The result of the journalistic funnel is that what is written of these men’s abuses and the horrors of the adjudicatory process hardly does justice to the trauma that was suffered. Please take that into consideration when reading articles by even the most devoted and brave journalists.

My experience (my own case and talking to others about theirs) has taught me to read these types of news reports with the understanding that the situation is likely far worse than what is reported.

There is usually a lot more to a story than what you are reading. Unfortunately many people take this logic and only apply it to upholding the notion of a rabbi’s innocence. They forget that it works both ways. What you are reading in the aforementioned Jewish Week article and others is only the tip of the tip of the iceberg. Still, I am so glad that there has been further attention devoted to this problem of rabbinic organizations lacking the proper expertise to conduct misconduct investigations.

Two Priority Areas For Improving Rabbinic Sexual Misconduct Media Reporting

While I am extremely grateful for The Forward’s and The Jewish Week’s relatively brave and continual coverage of rabbinic sexual misconduct cases, I am dismayed by a couple of things.

First, I am deeply concerned about word selection for headlines and stories and how this perpetuates both the minimization and normalization of clergy exploitation of vulnerable individuals. Words such as “affair” or “relationship” completely erase the exploitation, violence, and trauma. Despite over a decade of efforts made by researchers and victims alike to convey to the media that “It’s not an affair. It’s an abuse of power,” even large publishers such as The Forward continue to issue headlines describing rabbinic sexual abuse cases as “affairs” or “dating.” As recently as 2018, The Forward published the headlines, “Reform Rabbi Was Secretly Censured For Affair With Congregant” and “Rabbi Accused Of Sexual Misconduct Dated Congregant” despite receiving published educational materials describing how such language is factually incorrect and harmful.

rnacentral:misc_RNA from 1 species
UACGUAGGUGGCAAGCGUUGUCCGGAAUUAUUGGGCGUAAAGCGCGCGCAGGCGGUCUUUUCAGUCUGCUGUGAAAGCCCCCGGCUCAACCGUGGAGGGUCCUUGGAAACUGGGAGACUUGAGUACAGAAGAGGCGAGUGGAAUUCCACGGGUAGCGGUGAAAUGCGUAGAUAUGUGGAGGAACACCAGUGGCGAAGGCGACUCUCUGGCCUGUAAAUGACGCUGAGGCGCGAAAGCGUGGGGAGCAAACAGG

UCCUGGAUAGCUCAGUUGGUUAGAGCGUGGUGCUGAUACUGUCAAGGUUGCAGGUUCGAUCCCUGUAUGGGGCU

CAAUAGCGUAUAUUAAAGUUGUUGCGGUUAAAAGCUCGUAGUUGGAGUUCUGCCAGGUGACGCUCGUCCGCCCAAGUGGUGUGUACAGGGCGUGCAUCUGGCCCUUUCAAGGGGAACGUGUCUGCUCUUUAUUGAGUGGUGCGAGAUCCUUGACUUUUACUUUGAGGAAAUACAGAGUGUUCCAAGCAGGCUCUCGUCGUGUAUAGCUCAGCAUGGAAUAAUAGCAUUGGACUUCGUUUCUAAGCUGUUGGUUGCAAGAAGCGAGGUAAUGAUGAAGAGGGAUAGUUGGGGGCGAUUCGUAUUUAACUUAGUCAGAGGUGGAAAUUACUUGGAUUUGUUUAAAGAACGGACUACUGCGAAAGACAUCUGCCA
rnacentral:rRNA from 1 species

Words such as “affair” or “relationship” completely erase the exploitation, violence, and trauma.

Second, one popular journalist apparently could not publish a story unless the victim was willing to use their real name. The victim-survivor was unable to move forward with that journalist because of this requirement. Unfortunately this requirement is not unique to the publication that I am referring to, as I encountered it myself when dealing with the local media. For this reason, the local news reports did not describe my story and only reported on the resignation and cover-ups (yes, that was plural). While this requirement may lessen legal risks to the reporting entity, it increases the risk to the public by causing important information to go unreported, and this, in turn, leads to a false sense of security regarding the rabbi in question. We [collectively] need avenues for releasing victims’ full allegations without compromising victim safety. I know of three Reform rabbis who continue to receive more “benefit of the doubt” than they would had the media been able to report all known allegations and supporting evidence. This is a matter of public safety.

We need avenues for releasing victims’ full allegations without compromising victim safety.

In a society where the criminal justice system fails victims of sexual violence as a matter of course, journalism and social media remain the only avenues for protecting and warning citizens of a powerful wolf in sheep’s clothing. Media is also a principal way by which we shape and transmit culture. Yet, the media continues to use words that downplay and normalize egregious sexual misconduct (e.g., “affair,” “relationship”), and is constrained by reasonable fears of frivolous retaliatory lawsuits by angry perpetrators (angry because they got caught, nothing more).

Power Differentials Serve Rabbis Even After Exposure

To report the rabbi’s version of events is less risky for news outlets than to report the victim’s version of events. The victims of clergy sexual misconduct are already in a traumatized state, have less political power, and [usually] less financial freedom and power. In other words, if the rabbi lies and defames the victim, no matter how horrifically, the victim is unlikely to sue. Who is likely to file a lawsuit? A powerful perpetrator, often a narcissistic psychopath, who has time to waste and money to spend in the never-ending pursuit of their continual aggrandizement. A victim, on the other hand, just wants to heal and to obtain some reasonable justice while warning and protecting others.